HS2 Ltd Commercial Director Beth West added “We’re looking for the brightest and the best from across the industry to help us deliver one of the most tangible legacies of the HS2 project – three brand new stations and a major expansion of London Euston.

“All four present unique challenges and opportunities for the winning bidders. Together we will deliver world-class designs that help unlock wider local regeneration opportunities and provide unparalleled levels of accessibility, ease and convenience for the travelling public.”

Group campaigning against HS2 have highlighted large disparities in figures predicted by HS2 officials and politicians and the actual financial cost to Britain.

George Osborne announced as part of the Autumn Statement that there would be a £20bn increase in transport infrastructure spending. However, what he didn’t mention is that over a quarter of this is accounted for by an 11% increase in the cost of building HS2. Paragraph 2.85 of the Autumn Statement states:

“Construction will begin on HS2 during the Parliament, and the Spending Review confirms a funding envelope of £55.7 billion in 2015 prices, which will deliver HS2 from London to Birmingham by 2026, and to Leeds and Manchester by 2033.”

Up until now, the official cost of the construction of HS2 has been stated as £42.6bn in 2011 prices, with a further £7.5bn added for the cost of trains, so £55.7bn represents an increase of £5.6bn, or 11%. This figure for the overall cost of the HS2 project is almost double the original estimate published in 2010.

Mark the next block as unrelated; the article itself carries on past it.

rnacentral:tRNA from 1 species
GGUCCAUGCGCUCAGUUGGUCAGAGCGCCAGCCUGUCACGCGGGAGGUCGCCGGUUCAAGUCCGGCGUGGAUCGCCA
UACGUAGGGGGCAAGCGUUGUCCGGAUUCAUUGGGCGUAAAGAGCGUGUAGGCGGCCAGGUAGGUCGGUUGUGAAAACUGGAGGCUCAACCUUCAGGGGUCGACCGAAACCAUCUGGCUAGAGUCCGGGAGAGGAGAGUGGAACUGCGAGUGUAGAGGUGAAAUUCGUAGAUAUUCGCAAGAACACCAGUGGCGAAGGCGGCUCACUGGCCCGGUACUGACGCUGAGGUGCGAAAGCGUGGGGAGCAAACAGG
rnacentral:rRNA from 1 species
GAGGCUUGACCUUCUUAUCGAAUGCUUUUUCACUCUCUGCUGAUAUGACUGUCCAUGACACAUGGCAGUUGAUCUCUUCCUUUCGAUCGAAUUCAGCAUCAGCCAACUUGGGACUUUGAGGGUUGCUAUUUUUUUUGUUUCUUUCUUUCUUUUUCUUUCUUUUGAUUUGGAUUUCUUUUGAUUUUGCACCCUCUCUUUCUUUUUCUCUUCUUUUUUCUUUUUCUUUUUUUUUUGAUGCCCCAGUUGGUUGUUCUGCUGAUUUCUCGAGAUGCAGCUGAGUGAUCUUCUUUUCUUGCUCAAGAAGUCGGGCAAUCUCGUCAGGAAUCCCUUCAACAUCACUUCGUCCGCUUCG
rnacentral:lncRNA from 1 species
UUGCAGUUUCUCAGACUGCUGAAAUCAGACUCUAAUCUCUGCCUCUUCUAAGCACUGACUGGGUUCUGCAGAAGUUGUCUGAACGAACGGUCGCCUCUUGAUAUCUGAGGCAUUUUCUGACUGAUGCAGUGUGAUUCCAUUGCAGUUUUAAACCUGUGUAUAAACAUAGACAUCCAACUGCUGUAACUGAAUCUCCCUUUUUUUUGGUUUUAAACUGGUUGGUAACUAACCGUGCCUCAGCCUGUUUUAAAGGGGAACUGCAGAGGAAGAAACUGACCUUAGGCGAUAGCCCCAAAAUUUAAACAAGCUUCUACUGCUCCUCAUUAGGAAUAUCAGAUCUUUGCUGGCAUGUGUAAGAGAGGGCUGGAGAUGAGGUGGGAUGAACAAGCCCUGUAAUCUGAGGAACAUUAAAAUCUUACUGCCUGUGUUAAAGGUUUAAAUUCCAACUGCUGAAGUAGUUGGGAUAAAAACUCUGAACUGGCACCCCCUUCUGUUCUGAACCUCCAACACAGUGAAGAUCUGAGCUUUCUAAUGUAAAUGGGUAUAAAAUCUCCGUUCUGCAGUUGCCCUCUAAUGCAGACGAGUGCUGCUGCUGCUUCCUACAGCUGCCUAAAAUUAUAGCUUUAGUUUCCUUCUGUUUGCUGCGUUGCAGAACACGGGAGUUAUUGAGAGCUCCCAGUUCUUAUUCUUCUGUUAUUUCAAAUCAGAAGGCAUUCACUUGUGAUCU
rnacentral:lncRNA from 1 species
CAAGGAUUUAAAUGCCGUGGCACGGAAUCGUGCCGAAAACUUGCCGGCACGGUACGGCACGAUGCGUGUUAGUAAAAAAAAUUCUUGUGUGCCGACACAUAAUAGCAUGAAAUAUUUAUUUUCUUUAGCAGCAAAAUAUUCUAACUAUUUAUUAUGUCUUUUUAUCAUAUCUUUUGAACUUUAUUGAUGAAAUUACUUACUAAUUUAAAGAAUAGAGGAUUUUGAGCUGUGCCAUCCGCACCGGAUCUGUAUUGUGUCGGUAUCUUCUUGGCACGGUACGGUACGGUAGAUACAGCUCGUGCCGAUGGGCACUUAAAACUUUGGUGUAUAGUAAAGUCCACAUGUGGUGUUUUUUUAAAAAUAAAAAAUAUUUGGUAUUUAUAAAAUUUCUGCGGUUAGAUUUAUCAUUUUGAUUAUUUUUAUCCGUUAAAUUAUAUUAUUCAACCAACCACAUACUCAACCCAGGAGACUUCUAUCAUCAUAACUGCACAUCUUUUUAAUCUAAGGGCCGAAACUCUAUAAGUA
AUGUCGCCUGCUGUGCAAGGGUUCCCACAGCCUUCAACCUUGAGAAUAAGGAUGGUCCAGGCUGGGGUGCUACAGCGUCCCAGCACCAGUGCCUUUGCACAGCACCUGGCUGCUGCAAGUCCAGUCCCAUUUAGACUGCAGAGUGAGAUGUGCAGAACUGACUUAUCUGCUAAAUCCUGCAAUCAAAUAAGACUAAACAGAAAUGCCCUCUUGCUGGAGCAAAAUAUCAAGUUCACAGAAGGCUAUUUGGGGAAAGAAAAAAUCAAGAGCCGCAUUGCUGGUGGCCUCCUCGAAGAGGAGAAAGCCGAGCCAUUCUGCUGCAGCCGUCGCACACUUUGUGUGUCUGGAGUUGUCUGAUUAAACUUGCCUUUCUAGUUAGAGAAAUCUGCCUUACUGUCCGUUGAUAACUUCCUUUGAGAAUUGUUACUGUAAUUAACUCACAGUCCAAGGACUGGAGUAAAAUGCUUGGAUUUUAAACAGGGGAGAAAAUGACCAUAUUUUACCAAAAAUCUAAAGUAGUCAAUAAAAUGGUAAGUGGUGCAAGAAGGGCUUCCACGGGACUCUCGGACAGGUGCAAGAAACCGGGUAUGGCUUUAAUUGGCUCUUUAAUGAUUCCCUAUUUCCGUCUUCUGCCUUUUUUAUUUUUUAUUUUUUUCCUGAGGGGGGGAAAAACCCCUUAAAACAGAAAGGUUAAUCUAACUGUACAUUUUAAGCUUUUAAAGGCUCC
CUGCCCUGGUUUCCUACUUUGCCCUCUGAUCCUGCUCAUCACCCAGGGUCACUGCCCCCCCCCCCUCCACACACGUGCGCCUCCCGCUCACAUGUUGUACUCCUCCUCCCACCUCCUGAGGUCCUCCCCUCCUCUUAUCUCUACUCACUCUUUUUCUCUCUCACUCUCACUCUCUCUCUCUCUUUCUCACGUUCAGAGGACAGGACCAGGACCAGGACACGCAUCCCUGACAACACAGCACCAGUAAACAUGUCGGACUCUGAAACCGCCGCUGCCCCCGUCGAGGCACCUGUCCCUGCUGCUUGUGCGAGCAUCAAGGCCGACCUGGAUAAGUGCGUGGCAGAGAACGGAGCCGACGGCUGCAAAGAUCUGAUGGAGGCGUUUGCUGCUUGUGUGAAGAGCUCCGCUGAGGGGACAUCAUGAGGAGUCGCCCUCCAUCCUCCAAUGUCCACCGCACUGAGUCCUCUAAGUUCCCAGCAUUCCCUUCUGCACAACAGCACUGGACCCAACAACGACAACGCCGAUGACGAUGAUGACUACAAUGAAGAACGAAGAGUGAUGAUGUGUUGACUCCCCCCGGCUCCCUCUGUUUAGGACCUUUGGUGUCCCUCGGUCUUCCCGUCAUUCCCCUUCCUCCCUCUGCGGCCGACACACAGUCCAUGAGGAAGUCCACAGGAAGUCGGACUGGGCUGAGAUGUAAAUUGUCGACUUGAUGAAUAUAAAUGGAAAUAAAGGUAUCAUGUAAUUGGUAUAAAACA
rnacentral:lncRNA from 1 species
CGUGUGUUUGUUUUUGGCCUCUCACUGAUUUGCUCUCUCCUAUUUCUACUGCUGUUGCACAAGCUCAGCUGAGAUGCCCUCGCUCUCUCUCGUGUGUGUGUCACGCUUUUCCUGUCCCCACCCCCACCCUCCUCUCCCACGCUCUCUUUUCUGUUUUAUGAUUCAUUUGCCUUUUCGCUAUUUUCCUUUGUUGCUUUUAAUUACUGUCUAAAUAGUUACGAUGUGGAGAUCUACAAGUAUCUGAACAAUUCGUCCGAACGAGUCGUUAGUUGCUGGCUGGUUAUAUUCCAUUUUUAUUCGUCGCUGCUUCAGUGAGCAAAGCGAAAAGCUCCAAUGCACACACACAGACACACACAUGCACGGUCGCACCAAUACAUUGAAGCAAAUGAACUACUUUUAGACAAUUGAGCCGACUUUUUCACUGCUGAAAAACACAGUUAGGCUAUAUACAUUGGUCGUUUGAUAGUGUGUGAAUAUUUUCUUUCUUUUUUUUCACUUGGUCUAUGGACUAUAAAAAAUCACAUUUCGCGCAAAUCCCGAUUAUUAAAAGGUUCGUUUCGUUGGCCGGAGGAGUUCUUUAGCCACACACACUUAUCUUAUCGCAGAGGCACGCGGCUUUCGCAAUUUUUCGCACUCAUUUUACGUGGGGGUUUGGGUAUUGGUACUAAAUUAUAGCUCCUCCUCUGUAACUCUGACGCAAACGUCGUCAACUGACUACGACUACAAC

Mr Osborne also said that along with HS2, the Great Western, Trans Pennine and Midland Mainline electrification projects can go ahead. As all of these projects have been beset with serious budget problems, it is likely that the increase in capital spend within the Department for Transport is simply to cover the cost over-runs which have been caused by chronic mismanagement.

Back in July the Trans Pennine and Midland Mainline projects were ‘paused’ by Government due to mismanagement and cost over-runs, only for them to be given the go-ahead in September. However, the costs of these projects is unclear. Just last week the Public Accounts Committee said it was “staggering and unacceptable” that current estimates for Great Western Electrification stand at £2.8bn, against a budget in 2013 of just £874m.

This news comes just a day after it was revealed that 46 members of staff at HS2 Ltd are paid more than the Prime Minister.